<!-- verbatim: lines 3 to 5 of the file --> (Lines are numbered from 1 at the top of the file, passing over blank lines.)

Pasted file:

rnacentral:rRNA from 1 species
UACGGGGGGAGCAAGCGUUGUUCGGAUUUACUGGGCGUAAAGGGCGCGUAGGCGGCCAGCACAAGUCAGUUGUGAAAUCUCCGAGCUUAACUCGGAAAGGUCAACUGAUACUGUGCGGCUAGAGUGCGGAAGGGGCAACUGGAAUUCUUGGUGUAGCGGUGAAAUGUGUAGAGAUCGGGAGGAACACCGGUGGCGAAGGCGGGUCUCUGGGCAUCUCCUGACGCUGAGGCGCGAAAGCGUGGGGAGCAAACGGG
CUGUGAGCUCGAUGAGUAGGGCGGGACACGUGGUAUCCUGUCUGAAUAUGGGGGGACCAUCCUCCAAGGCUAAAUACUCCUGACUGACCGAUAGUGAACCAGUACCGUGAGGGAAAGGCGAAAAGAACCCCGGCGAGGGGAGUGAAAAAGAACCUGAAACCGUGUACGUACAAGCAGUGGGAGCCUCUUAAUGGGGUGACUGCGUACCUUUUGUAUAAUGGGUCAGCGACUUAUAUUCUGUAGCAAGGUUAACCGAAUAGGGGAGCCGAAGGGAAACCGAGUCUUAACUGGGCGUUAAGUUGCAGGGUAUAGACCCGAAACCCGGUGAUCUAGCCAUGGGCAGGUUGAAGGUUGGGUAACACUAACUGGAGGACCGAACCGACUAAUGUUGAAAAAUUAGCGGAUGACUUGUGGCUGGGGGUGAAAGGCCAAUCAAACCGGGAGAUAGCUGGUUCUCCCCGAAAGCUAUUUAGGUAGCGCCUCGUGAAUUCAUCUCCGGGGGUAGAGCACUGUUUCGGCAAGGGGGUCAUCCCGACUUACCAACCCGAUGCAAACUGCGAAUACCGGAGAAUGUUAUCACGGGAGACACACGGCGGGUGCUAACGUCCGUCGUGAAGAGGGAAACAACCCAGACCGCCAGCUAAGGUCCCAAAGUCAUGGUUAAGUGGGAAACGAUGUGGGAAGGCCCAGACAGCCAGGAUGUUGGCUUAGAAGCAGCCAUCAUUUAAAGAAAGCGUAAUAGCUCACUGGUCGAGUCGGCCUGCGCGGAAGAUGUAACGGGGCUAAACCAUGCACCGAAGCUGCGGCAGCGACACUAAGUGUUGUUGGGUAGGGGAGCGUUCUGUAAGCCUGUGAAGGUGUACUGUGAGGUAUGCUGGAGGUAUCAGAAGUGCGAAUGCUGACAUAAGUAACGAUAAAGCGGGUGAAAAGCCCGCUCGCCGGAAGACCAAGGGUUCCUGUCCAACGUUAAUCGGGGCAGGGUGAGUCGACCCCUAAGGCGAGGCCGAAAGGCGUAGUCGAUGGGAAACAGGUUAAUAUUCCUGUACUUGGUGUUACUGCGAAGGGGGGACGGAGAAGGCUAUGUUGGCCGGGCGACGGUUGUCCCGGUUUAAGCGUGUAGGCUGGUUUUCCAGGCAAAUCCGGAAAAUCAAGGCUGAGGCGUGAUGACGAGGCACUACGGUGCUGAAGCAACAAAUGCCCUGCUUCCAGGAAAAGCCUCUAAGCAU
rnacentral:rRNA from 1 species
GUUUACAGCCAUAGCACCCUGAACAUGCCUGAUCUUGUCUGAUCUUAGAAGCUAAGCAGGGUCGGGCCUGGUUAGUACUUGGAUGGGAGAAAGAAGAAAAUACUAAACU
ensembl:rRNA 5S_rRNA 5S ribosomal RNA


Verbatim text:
CUGUGAGCUCGAUGAGUAGGGCGGGACACGUGGUAUCCUGUCUGAAUAUGGGGGGACCAUCCUCCAAGGCUAAAUACUCCUGACUGACCGAUAGUGAACCAGUACCGUGAGGGAAAGGCGAAAAGAACCCCGGCGAGGGGAGUGAAAAAGAACCUGAAACCGUGUACGUACAAGCAGUGGGAGCCUCUUAAUGGGGUGACUGCGUACCUUUUGUAUAAUGGGUCAGCGACUUAUAUUCUGUAGCAAGGUUAACCGAAUAGGGGAGCCGAAGGGAAACCGAGUCUUAACUGGGCGUUAAGUUGCAGGGUAUAGACCCGAAACCCGGUGAUCUAGCCAUGGGCAGGUUGAAGGUUGGGUAACACUAACUGGAGGACCGAACCGACUAAUGUUGAAAAAUUAGCGGAUGACUUGUGGCUGGGGGUGAAAGGCCAAUCAAACCGGGAGAUAGCUGGUUCUCCCCGAAAGCUAUUUAGGUAGCGCCUCGUGAAUUCAUCUCCGGGGGUAGAGCACUGUUUCGGCAAGGGGGUCAUCCCGACUUACCAACCCGAUGCAAACUGCGAAUACCGGAGAAUGUUAUCACGGGAGACACACGGCGGGUGCUAACGUCCGUCGUGAAGAGGGAAACAACCCAGACCGCCAGCUAAGGUCCCAAAGUCAUGGUUAAGUGGGAAACGAUGUGGGAAGGCCCAGACAGCCAGGAUGUUGGCUUAGAAGCAGCCAUCAUUUAAAGAAAGCGUAAUAGCUCACUGGUCGAGUCGGCCUGCGCGGAAGAUGUAACGGGGCUAAACCAUGCACCGAAGCUGCGGCAGCGACACUAAGUGUUGUUGGGUAGGGGAGCGUUCUGUAAGCCUGUGAAGGUGUACUGUGAGGUAUGCUGGAGGUAUCAGAAGUGCGAAUGCUGACAUAAGUAACGAUAAAGCGGGUGAAAAGCCCGCUCGCCGGAAGACCAAGGGUUCCUGUCCAACGUUAAUCGGGGCAGGGUGAGUCGACCCCUAAGGCGAGGCCGAAAGGCGUAGUCGAUGGGAAACAGGUUAAUAUUCCUGUACUUGGUGUUACUGCGAAGGGGGGACGGAGAAGGCUAUGUUGGCCGGGCGACGGUUGUCCCGGUUUAAGCGUGUAGGCUGGUUUUCCAGGCAAAUCCGGAAAAUCAAGGCUGAGGCGUGAUGACGAGGCACUACGGUGCUGAAGCAACAAAUGCCCUGCUUCCAGGAAAAGCCUCUAAGCAU
rnacentral:rRNA from 1 species
GUUUACAGCCAUAGCACCCUGAACAUGCCUGAUCUUGUCUGAUCUUAGAAGCUAAGCAGGGUCGGGCCUGGUUAGUACUUGGAUGGGAGAAAGAAGAAAAUACUAAACU